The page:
Peninsula Bridge is one big production and the kids are the entertainers. Every day I come to Peninsula Bridge as an excited audience member encouraging the children to do their best.
In English class, I watch them write and perform their very own skits and help them in the process by making props. They are writing these skits to show their understanding of the reading and to address the problems with bullying and name calling. Seeing them perform their finished products was amazing. I am their biggest fan, cheering every chance I get.
We have reached the last week of Peninsula Bride at Woodside Priory, and everyone can feel things coming to a close. The kids took their post tests on Thursday, which will be used to show the kids progress over the summer. These tests marked the final academic event of the summer, and the kids seem very proud of it.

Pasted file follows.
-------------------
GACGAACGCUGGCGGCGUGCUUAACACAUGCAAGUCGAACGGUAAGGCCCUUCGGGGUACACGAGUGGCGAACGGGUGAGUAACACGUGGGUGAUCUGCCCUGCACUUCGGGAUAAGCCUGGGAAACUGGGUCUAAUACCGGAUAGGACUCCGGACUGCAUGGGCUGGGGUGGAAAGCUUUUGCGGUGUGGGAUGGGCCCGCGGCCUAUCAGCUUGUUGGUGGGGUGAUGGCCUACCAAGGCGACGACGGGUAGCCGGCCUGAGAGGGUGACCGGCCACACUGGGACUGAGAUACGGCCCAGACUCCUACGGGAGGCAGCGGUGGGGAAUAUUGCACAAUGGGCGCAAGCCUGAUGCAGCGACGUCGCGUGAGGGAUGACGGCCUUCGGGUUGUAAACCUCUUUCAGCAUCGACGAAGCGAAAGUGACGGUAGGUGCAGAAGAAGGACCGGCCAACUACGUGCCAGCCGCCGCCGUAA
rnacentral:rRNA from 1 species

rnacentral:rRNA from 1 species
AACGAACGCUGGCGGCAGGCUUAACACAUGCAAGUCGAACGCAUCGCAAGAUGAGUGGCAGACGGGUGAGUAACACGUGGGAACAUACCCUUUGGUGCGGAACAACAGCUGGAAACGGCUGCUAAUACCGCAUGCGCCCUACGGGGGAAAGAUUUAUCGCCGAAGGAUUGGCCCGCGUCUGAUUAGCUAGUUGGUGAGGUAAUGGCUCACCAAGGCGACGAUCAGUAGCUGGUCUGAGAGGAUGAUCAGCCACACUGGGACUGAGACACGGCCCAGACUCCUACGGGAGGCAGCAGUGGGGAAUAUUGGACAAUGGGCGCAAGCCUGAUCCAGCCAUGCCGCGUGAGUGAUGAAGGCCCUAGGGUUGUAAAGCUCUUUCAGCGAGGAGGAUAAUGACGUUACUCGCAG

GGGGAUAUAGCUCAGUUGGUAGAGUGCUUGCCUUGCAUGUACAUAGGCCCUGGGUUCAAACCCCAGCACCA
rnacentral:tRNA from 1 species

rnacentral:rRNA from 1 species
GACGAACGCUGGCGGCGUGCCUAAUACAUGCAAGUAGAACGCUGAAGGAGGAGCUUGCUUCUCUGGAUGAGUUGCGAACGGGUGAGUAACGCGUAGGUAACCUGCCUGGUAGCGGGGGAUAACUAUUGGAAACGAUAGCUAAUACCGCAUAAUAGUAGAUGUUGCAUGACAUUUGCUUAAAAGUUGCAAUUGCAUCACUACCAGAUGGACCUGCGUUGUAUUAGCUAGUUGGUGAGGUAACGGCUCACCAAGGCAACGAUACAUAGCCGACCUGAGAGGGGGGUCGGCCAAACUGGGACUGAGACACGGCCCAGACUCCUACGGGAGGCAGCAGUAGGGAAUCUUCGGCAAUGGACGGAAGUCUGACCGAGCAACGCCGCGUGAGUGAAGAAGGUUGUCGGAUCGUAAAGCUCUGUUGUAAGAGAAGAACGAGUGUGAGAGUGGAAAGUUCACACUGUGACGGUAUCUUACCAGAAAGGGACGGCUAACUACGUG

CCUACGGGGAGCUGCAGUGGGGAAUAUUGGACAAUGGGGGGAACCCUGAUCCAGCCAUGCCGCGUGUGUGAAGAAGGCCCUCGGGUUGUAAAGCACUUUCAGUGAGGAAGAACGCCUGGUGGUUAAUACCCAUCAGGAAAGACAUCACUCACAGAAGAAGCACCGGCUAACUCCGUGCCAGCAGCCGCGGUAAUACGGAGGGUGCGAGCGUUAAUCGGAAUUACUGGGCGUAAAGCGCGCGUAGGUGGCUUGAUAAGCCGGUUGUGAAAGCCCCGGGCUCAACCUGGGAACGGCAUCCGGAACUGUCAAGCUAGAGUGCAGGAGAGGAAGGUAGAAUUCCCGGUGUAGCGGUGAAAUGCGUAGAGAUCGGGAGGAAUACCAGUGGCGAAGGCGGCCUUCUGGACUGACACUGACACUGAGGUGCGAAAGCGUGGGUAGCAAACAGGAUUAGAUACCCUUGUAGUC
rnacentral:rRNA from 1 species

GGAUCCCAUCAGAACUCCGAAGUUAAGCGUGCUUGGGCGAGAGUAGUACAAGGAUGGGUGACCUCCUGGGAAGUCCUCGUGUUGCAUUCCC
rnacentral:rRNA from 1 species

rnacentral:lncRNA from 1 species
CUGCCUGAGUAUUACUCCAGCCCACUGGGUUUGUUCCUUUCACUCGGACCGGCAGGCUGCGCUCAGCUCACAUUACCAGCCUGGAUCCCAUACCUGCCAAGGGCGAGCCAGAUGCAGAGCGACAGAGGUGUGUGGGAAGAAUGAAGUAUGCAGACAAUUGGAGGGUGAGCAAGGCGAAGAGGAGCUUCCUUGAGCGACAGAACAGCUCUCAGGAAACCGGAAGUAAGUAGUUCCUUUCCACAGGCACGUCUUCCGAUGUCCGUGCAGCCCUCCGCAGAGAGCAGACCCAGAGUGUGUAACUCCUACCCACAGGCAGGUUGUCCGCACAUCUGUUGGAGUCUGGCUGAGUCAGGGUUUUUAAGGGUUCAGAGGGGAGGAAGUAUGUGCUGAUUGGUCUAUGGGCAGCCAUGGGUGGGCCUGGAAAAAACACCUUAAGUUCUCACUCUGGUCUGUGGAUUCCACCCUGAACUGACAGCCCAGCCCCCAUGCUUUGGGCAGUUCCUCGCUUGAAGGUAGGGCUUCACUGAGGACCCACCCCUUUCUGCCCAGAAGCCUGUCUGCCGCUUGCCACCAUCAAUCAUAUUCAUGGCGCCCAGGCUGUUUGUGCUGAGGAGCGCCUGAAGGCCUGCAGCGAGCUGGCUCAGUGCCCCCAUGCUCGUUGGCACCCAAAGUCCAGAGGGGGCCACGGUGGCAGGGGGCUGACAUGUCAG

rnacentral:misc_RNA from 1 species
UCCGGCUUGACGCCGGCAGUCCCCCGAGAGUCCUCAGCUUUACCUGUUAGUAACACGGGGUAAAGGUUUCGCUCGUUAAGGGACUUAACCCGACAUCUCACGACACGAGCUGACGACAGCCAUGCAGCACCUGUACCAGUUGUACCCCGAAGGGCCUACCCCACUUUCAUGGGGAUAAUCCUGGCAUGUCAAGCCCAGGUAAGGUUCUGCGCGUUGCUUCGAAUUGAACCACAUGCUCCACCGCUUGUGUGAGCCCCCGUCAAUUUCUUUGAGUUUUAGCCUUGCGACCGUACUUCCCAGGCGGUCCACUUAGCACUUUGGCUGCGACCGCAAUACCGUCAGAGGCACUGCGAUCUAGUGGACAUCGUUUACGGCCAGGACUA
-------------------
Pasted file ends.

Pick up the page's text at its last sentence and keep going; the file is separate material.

We have reached the fourth week of Peninsula Bridge at the Woodside Priory campus, and people are beginning to look towards the end with mingled sadness and pride. The Construction and Design class finished its course this week with the final project of testing the bridges that the students made. They tied a bucket full of water to the center of the bridge and placed weights in the bucket until it reached maximum weight. All the bridges that the students constructed passed the test and the students were very proud of their creations. The class as a whole learned a lot about what goes into the construction of a bridge and how important they really are in our every day life. A big thank you to DPR construction for their magnificent work.